A North Carolina mother's attempt to re-create the image from the famous 1950s Coppertone ads did not go over well on Facebook. She was banned for 24 hours and faced the prospect of a lifetime ban after users reported her photograph of her daughter and a friend for being pornographic.


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Jill White, a professional photographer, snapped the photo of her two-year-old daughter pulling down the bathing suit bottom of her friend. When she posted it, Facebook removed it after receiving complaints and she said she could not log in to her accounts for 24 hours.

After getting back in, she reposted the photo with an emoji over the child's buttocks, and Facebook later stated publicly that White will not be banned permanently for the picture.

The story generated a big response from Fox and Friends fans on Facebook. What do you think of the picture? Did it cross a line?


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Here's more from FOX Carolina WBTV:

An official says an account must have multiple reported pieces of content deleted before they disable a Facebook account without the possibility of it being reactivated.

"It is hard. With over 1 billion people using Facebook we have to put in place a set of universal guidelines that respect the views of a wide range of people," a Facebook spokesperson said.

"These policies are designed to ensure Facebook remains a  safe, secure and trusted environment for everyone on Facebook," the statement continued.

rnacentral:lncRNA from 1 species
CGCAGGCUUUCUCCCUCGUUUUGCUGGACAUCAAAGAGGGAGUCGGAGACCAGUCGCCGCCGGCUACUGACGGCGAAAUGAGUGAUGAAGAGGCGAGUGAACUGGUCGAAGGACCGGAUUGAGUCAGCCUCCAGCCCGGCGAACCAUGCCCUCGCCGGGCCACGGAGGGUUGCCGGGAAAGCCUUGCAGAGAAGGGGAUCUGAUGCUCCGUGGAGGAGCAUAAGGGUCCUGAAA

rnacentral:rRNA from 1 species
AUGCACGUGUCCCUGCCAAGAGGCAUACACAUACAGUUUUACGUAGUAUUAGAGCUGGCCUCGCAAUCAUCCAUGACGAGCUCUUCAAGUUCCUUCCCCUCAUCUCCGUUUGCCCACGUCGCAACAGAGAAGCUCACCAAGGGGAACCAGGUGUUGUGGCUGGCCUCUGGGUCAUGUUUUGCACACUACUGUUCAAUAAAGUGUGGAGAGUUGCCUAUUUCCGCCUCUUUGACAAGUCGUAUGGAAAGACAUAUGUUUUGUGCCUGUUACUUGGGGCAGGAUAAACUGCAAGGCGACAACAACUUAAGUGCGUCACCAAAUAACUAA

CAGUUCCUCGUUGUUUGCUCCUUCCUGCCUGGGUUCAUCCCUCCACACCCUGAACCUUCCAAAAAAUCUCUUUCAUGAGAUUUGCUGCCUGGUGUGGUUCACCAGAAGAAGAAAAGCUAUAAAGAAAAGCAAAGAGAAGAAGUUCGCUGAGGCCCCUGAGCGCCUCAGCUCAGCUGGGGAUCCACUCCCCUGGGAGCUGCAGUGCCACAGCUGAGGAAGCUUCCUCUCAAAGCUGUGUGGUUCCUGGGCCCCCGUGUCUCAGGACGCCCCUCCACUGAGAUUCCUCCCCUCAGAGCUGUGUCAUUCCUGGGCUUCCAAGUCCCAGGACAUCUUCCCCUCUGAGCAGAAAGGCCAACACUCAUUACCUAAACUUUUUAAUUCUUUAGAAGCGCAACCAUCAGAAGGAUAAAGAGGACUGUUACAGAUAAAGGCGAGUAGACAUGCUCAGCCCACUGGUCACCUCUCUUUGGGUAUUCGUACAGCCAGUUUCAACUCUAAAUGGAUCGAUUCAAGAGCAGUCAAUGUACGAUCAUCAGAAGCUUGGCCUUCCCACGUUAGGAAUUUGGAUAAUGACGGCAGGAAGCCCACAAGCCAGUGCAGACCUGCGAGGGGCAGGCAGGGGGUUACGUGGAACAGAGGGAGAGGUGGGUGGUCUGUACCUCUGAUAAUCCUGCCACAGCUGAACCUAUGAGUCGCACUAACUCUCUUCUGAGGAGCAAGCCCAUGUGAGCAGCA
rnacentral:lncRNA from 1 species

Facebook officials say White's photo was not removed from Facebook because it was considered pornographic.

The first picture was removed because it displayed her daughter's nude bottom, which falls on Facebook's parameters for deletion.

They say when it comes to photos of children, Facebook takes a serious look at reported photos and work hard to keep the site as safe and secure as possible.

According to Facebook's Terms of Service, there is a "strict policy against the sharing of pornographic content and any explicitly sexual content where a minor is involved. We also impose limitations on the display of nudity. We aspire to respect people's right to share content of personal importance."

The censored photo that White posted on Facebook has been reported, but has not been removed by Facebook.


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